Table 1  Consumer and service contact characteristics and bivariate analyses of characteristics with perceived coercion and service contact evaluation
Table 2  Predictors of association of perceived coercion and service contact evaluation with consumer-provider relationship, coercive strategies, and consumer and service contact characteristics
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References

Priebe S, Watts J, Chase M, et al: Processes of disengagement and engagement in assertive outreach patients: qualitative study. British Journal of Psychiatry 187:438–443, 2005
 
Brunette M, Mueser KT, Drake RE: A review of research on residential programs for people with severe mental illness and co-occurring substance abuse disorders. Drug and Alcohol Review 23:471–481, 2004
 
Culhane DP, Metraux S, Hadley TR: Public service reductions associated with the placement of homeless people with severe mental illness in supportive housing. Housing Policy Debate 13:107–163, 2002
 
Bond GR, Drake RE, Mueser KT, et al: Assertive community treatment for people with severe mental illness. Disease Management and Health Outcomes 9:141–159, 2001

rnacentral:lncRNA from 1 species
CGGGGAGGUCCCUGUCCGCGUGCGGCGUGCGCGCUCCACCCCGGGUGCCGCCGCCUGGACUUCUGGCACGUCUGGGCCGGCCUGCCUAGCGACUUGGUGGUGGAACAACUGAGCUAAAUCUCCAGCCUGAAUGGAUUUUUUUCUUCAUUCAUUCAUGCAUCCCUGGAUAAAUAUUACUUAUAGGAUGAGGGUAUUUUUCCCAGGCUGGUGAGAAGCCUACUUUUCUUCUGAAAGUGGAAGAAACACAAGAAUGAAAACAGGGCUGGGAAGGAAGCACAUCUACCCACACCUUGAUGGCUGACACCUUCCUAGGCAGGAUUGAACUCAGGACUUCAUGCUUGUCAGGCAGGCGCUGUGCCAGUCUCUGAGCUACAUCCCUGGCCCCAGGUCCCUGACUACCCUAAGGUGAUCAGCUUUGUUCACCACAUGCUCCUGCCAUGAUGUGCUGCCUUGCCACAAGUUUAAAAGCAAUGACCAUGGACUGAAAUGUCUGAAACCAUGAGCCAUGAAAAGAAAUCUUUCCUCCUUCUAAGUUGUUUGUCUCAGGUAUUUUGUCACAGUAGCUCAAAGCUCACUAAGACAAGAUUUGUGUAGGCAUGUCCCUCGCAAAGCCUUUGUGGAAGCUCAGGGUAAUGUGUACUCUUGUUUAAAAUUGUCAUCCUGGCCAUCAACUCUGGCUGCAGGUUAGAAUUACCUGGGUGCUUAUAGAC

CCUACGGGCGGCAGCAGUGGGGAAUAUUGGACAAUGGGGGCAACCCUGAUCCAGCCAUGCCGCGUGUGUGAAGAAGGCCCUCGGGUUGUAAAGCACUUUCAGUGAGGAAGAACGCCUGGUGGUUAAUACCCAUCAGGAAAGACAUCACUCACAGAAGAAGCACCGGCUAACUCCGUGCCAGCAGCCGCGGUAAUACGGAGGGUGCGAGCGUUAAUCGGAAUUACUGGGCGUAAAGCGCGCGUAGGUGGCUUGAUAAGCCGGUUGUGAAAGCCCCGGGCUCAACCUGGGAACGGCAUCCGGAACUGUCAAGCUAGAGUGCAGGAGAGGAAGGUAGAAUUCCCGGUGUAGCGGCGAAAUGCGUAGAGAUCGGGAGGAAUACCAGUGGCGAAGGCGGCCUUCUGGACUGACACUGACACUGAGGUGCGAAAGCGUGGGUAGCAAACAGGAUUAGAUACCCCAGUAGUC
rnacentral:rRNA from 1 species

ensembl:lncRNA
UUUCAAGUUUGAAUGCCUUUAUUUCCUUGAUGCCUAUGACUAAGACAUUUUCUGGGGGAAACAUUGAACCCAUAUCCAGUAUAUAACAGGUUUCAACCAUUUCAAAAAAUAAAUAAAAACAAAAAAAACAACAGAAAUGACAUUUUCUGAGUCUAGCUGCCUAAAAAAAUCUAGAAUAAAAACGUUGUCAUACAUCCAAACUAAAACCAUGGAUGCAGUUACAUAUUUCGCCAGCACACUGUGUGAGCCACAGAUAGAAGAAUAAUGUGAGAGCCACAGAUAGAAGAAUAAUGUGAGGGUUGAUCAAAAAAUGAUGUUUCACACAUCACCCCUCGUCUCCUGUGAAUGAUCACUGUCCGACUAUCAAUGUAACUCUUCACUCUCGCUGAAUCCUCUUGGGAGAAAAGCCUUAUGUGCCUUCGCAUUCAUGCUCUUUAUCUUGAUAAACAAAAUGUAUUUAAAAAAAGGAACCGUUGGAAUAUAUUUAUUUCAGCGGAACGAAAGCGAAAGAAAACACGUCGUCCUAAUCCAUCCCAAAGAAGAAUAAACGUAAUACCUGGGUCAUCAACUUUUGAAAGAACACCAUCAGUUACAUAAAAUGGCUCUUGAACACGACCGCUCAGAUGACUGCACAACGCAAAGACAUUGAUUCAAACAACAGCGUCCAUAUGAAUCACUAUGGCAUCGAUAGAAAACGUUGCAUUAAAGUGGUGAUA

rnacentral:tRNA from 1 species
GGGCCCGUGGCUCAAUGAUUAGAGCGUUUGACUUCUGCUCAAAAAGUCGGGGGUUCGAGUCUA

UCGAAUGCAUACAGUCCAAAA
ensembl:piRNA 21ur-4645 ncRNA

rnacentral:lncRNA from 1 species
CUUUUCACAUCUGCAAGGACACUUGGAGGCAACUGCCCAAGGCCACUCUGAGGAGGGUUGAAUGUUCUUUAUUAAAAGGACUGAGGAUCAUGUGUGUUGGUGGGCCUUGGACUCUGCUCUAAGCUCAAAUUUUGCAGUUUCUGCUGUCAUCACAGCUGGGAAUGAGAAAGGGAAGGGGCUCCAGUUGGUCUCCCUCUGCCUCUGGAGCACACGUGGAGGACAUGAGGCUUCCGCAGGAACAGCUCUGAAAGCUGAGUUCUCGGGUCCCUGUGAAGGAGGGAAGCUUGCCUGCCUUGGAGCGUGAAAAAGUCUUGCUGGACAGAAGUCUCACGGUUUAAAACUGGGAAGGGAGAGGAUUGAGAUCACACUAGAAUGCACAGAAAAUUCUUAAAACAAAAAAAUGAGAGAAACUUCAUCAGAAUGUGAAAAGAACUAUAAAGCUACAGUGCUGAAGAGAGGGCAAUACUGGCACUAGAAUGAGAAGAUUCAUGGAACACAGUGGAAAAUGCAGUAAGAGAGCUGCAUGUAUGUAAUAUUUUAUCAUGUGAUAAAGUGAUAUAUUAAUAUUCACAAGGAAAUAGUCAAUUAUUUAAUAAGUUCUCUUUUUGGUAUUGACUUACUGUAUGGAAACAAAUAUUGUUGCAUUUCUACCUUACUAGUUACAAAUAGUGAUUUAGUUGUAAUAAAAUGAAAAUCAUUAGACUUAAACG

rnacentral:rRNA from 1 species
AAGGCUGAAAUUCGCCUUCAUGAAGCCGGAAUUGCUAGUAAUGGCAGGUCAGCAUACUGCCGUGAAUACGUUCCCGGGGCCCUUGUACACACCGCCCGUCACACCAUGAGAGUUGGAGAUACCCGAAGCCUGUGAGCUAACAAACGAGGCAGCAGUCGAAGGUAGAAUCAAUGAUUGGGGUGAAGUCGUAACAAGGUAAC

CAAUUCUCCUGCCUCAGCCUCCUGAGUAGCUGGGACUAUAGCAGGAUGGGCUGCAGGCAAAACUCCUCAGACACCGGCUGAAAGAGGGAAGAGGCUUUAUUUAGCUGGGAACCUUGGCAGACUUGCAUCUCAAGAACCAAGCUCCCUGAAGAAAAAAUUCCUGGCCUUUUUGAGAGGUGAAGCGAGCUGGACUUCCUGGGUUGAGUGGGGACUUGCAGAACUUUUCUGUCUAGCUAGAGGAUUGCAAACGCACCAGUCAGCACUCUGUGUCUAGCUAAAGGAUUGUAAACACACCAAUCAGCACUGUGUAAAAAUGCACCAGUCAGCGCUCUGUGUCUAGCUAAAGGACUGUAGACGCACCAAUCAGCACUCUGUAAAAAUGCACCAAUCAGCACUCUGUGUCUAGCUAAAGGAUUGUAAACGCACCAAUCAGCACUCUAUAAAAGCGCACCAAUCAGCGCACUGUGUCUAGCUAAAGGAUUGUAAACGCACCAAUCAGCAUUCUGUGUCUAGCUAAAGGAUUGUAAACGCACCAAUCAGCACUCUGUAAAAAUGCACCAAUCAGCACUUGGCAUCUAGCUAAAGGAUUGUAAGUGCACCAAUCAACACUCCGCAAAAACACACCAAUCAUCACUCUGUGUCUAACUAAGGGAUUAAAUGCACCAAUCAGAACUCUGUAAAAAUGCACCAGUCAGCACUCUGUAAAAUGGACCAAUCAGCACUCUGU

Chinman MJ, Rosenheck RA, Lam J: The development of relationships between people who are homeless and have a mental disability and their case managers. Psychiatric Services 23:47–55, 1999
 
Anthony WA: Process, not practice (letter). Psychiatric Services 54:402, 2003
 
McHugo G, Hargreaves W, Drake RE, et al: Methodological issues in assertive community treatment studies. American Journal of Orthopsychiatry 68:246–260, 1998
 
Howgego IM, Yellowlees P, Owen C, et al: The therapeutic alliance: the key to effective patient outcome? A descriptive review of the evidence in community mental health case management. Australian and New Zealand Journal of Psychiatry 37:169–183, 2003
 
Solomon P: Research on the coercion of persons with severe mental illness, in Coercion and Aggressive Community Treatment: A New Frontier in Mental Health Law. Edited by Dennis DL, Monahan J. New York, Plenum, 1996
 
Chinman MJ, Allende M, Bailey P, et al: Therapeutic agents of assertive community treatment. Psychiatric Quarterly 70:137–161, 1999
 
Carroll JS: Consent to mental health treatment: a theoretical analysis of coercion, freedom, and control. Behavioral Sciences and the Law 11:129–142, 1993
 
Szmukler G, Appelbaum P: Treatment pressures, coercion and compulsion, in Textbook of Community Psychiatry. Edited by Thornicroft G, Szmukler G. Oxford, United Kingdom, Oxford University Press, 2001